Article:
Sunday, January 30, 2005

Isn't this exactly what she wanted?

Grabbing Yahoo! front page headlines is this puff piece on the leader of California's loony left after her hissy fit over Condoleeza Rice:

Sen. Barbara Boxer steps into spotlight

Is Ms. Boxer aiming for Harry Reid's job as senate minority leader? Even higher, it would seem from the AP story:

She's being touted on liberal blogs as the Democrats' best hope for president in 2008.
I though Ahnold was supposed to be the Californian gunning for the presidency (once that silly Constitution thing gets amended). If anyone thinks Boxer has a chance in Hades of becoming President, I have a bridge to sell them

Thursday, January 27, 2005

Media Arrogance (plus a little liberal bias)

One of my pet pieves is when someone in the media attempts to explan why some phenomenon occurred by giving one trite reason, when in reality the answer is vastly more complex. The typical example of this is any MSM nightly TV news report on the rise or fall of the Dow Jones average that day. Why did each of the thousands of trades in Dow Jones-listed stocks occur at the prices they did? It must be the same reason for every one(!), usually something like "worries over unemployment figures."

This is both false and blatantly arrogant. Did the reporter interview everyone who traded in the stock and ask him (lest feminists accuse me of sexism, in English the neutral pronoun is male) why he sold/bought the stock at that particular price? For the Dow Jones, at least the particular MSM outlet usually will ask, and sometimes quote, some fund manager who has a clue as to why he may have bought/sold the stock he manages.

Other times, the particular reporter will just make something up that sounds good according to that reporter's particular world view, almost always a liberal world view. This will be a recurring theme of this blog. So for the first example of this hubris/bias we start with none other than the venerable Associated Press reporting on my least favorite nation, France.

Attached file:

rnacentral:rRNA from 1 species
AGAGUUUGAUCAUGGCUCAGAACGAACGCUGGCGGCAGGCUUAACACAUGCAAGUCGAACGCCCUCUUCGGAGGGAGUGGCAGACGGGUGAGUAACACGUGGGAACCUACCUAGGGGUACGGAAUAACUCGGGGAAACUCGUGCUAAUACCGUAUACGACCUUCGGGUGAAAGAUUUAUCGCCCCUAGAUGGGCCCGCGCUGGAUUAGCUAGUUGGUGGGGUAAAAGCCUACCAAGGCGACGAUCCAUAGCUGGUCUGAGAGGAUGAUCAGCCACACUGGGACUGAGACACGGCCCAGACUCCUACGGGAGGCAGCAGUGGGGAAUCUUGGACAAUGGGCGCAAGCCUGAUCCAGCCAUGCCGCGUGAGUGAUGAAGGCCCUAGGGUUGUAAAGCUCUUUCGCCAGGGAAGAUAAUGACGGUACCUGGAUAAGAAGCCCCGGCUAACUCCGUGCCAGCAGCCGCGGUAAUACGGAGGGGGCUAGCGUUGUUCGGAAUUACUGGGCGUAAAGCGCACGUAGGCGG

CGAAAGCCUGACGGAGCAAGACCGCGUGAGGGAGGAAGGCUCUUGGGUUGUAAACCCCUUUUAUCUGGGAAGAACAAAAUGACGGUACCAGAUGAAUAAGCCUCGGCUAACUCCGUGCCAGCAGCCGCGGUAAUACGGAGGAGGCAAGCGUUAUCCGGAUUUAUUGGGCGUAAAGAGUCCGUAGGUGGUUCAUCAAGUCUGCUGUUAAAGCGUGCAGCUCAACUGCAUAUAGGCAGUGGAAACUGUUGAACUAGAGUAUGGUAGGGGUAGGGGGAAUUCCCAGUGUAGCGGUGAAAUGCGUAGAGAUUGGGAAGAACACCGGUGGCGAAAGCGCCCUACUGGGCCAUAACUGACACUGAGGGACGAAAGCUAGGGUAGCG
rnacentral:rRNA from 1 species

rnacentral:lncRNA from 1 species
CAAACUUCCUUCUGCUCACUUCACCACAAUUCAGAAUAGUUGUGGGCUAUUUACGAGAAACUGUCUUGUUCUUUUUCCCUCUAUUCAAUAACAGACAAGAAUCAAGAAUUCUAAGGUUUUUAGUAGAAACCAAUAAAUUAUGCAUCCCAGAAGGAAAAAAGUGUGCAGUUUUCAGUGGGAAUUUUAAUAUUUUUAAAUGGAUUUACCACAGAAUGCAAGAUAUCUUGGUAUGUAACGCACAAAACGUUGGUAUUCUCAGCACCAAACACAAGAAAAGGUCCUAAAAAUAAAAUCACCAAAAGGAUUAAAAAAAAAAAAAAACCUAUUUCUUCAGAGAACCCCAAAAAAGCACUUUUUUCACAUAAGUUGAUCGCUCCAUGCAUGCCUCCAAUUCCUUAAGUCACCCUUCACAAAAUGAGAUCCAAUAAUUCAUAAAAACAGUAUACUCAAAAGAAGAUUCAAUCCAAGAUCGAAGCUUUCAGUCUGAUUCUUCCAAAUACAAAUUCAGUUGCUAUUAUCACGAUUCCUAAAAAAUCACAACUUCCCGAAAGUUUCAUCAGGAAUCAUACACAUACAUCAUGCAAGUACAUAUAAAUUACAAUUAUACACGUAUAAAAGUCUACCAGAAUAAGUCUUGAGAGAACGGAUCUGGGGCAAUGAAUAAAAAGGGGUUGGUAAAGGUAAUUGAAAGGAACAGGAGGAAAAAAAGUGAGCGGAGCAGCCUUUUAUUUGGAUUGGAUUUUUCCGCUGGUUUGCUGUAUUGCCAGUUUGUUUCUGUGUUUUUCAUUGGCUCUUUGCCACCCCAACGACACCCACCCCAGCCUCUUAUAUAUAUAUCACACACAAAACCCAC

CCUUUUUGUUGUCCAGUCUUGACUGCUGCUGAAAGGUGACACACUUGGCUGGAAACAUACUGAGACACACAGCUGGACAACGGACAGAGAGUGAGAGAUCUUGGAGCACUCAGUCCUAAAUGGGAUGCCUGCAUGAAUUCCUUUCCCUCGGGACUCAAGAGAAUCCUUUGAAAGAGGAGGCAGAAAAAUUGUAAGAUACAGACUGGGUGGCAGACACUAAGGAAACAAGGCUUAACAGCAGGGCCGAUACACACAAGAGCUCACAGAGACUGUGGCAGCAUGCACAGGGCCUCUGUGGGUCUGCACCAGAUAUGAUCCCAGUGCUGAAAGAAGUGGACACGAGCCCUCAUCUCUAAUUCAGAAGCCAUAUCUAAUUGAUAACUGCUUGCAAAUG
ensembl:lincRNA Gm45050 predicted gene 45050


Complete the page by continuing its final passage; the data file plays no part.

Apparently, people aren't buying as much French wine as they used to, so the French winemakers want to distill large amounts of their stockpiles - even (gasp!) the good stuff - into industrial use alcohol. Why, you ask, aren't people buying as much French wine? According to the AP:
Pressured by Californian Chardonnays and other vintages from the new world, French wine exports fell by 6.6 percent in volume and 6.1 percent in value in the first 11 months of 2004.
California makes a lot of wines other than Chardonnays. And, yes, new wine making in Austrailia, Chile and South Africa are making inroads into the global wine market. But could another reason be (and there are many, many reasons, but in a soundbite world we can only list one, right?) the U.S.'s French wine boycott?

Life in California

I thought I'd scoop my friend Jeff at SoCalLawBlog with this bit of wisdom from our Supreme Court here in California:

PEOPLE v. HOWARD, No S108353 (Cal. January 27, 2005)
The crime of driving with a willful or wanton disregard for the safety of persons or property while fleeing from a pursuing police officer is not an inherently dangerous felony for purposes of the second-degree felony-murder rule.

I had a double take on that one, too. In case you don't believe it, yes, the word "not" is in there. So from here on out, everything less "inherently dangerous" than "driving with a willful or wanton disregard for the safety of persons or property while fleeing from a pursuing police officer" will get you out of the second degree felony murder rule.

Demonstrating her usual sanity, my favorite Justice, Janice Rogers Brown, dissented.

You can view the opinion here.